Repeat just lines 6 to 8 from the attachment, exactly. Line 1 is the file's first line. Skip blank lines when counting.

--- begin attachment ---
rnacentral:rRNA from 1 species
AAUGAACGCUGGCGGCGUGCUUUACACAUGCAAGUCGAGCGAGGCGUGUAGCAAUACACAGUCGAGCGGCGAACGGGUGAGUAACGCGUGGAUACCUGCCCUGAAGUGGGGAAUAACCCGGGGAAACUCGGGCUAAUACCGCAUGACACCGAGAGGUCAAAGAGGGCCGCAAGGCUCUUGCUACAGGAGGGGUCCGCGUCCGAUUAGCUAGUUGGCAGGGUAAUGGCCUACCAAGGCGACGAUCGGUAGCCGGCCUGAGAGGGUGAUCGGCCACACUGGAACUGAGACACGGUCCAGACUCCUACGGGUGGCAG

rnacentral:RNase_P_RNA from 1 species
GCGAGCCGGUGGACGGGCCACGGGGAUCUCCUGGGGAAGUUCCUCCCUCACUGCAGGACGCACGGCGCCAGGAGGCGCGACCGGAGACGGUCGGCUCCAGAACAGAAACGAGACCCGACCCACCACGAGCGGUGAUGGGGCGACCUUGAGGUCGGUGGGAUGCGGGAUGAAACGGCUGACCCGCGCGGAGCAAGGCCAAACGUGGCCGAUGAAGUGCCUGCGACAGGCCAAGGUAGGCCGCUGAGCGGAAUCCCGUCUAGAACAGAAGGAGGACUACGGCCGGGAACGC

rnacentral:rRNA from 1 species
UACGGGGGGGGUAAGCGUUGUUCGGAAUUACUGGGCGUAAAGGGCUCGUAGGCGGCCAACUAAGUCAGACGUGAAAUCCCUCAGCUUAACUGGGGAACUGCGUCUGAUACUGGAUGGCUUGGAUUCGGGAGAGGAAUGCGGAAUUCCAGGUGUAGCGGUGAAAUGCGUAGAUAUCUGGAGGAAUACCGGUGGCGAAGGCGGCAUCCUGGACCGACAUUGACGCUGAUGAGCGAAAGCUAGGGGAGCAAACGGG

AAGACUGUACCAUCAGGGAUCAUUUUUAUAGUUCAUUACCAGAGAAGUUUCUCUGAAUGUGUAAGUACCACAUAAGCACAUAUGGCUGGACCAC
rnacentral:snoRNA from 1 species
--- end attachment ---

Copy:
UACGGGGGGGGUAAGCGUUGUUCGGAAUUACUGGGCGUAAAGGGCUCGUAGGCGGCCAACUAAGUCAGACGUGAAAUCCCUCAGCUUAACUGGGGAACUGCGUCUGAUACUGGAUGGCUUGGAUUCGGGAGAGGAAUGCGGAAUUCCAGGUGUAGCGGUGAAAUGCGUAGAUAUCUGGAGGAAUACCGGUGGCGAAGGCGGCAUCCUGGACCGACAUUGACGCUGAUGAGCGAAAGCUAGGGGAGCAAACGGG

AAGACUGUACCAUCAGGGAUCAUUUUUAUAGUUCAUUACCAGAGAAGUUUCUCUGAAUGUGUAAGUACCACAUAAGCACAUAUGGCUGGACCAC
rnacentral:snoRNA from 1 species